The doctor’s positive experiences do not lie solely with US Ambassadors of the past, heartfelt sentiment regarding the United States’ current Ambassador Mr. John Heffern also permeate his fondness for our country, stating, “I want to take the opportunity as the leader of an American IT company operating in Armenia to express my thankfulness for his continuous interest in our developmental efforts. During the past year and a half Ambassador Heffern has managed to earn a good reputation in Armenia. In my opinion, he is one of the best foreign ambassadors we had after the collapse of Armenia, because he has managed to dedicate himself fully to his country’s interests as well as being intricately engaged with our own country’s unique challenges and interests.”


Addressing Investor Concerns

Questioned about the concerns of potential investors in a country that Forbes magazine ranked as the second worst economy for 2011, Dr. Musayelyan expressed a pragmatic understanding. On one hand, it is undeniable that Armenia is still in the process of reaching economic stability; on the other hand, the success of several business ventures in the territory shows the potential of the country to be a valid partner for international enterprises.

To support that notion one need to look no further than Synopsys Armenia itself which has been the recipient of several awards since 2004 and, in 2010, Synopsys in Armenia was recognized among twelve finalists to receive the U.S. Secretary of State’s Award for Corporate Excellence. Dr. Musayelyan is fully aware of the challenges of working in Armenia when he notes candidly, “There are a lot of problems that cannot be hidden”. But, he remains steadfast that the country can move forward. And it certainly isn’t just one man’s opinion; the World Bank rates Armenia 35/185 in their 2013 Ease of Doing Business Report.

The doctor understands his commitment to strengthening the economy of the country as a way to re-negotiate the global image of Armenia; admitting that Forbes’ assessment “hurt him as a countryman”. Thus, his efforts to improve Synopsys must also be read as part of his agenda to work towards a better future for his country as a whole. To that end, the company consistently invests in educational projects, having establishing several partnerships with regional universities and allocating funding for IT education. Investing in the community means creating the possibility for Armenia to reach, once again, a broader sphere of excellence in scientific research by educating new generations in state-of-the-art facilities.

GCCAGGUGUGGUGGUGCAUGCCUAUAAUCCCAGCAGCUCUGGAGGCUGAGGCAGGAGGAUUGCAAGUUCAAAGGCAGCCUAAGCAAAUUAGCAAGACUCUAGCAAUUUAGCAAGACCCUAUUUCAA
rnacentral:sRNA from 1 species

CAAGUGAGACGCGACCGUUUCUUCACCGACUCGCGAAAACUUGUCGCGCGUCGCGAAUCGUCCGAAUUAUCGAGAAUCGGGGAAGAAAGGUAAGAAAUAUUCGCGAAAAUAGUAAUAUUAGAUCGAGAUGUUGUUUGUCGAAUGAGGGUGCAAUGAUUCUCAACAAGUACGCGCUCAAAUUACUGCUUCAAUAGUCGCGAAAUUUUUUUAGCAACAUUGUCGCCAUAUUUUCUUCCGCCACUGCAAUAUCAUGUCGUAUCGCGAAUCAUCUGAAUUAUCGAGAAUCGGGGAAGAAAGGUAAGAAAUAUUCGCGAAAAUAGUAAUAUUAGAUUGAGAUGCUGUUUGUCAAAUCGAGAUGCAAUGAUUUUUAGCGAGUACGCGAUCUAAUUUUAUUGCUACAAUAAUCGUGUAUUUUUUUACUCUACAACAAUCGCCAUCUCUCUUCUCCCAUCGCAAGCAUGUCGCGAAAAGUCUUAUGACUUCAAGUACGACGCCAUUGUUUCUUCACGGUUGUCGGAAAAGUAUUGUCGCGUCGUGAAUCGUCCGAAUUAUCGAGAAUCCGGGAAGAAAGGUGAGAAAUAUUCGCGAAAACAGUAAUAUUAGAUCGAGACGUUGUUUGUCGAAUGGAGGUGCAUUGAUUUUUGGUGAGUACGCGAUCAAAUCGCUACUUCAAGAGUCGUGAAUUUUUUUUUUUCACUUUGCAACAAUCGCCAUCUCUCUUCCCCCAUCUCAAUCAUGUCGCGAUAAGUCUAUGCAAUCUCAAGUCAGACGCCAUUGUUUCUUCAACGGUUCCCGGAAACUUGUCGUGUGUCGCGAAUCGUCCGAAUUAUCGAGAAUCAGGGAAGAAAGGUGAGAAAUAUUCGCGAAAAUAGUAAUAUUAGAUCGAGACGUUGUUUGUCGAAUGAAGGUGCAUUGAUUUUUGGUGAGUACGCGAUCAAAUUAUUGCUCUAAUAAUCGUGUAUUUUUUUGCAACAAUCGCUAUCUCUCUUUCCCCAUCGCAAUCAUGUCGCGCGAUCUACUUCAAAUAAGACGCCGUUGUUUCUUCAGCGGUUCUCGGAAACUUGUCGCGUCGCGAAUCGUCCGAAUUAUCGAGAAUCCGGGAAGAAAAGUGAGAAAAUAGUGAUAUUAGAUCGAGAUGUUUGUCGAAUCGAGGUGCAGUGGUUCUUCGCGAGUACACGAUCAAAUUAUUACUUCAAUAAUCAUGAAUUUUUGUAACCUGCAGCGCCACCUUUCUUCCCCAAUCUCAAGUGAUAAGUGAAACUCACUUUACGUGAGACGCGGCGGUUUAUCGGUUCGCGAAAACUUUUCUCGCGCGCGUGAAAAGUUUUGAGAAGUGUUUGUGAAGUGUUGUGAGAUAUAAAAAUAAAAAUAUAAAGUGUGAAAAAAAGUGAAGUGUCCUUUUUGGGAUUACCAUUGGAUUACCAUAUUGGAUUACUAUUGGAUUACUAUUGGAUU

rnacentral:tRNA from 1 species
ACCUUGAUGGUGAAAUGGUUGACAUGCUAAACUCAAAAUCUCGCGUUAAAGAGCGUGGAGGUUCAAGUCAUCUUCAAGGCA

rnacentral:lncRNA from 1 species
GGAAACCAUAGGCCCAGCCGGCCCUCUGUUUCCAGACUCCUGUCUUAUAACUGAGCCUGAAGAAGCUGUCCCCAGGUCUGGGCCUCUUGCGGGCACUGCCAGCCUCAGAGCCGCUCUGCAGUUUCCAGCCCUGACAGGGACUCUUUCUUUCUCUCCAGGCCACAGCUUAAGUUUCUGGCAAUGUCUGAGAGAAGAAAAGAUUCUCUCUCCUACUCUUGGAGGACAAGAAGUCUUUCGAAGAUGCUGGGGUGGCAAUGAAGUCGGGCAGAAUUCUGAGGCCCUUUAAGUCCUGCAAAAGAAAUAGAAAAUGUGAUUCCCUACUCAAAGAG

Despite being proud of his country’s achievements, Dr. Musayelyan is not prone to dwell on past success; on the contrary, he is constantly looking forward to new challenges and rapid development. Epitomized by the company’s slogan: “Accelerating Innovation”. Yet, as he notes, “the company maintains its leadership thanks to accurate and predictable business plans.” Accordingly, what will happen in the future is largely predictable. “For the next five years”, he says “the company’s priority [globally] is to remain the leader in the electronic design automation industry”. As such, emphasis will be given to strengthening business relationships with existing customers and ensuring that they are entirely satisfied. In regards to Synopsys Armenia, the company will continue focusing on its educational mission. It must be said that Armenia provides 8% of the total number of engineers working for Synopsys worldwide. Thus, the investment in education and research will benefit Synopsys globally, but also (and crucially) the growth of the country.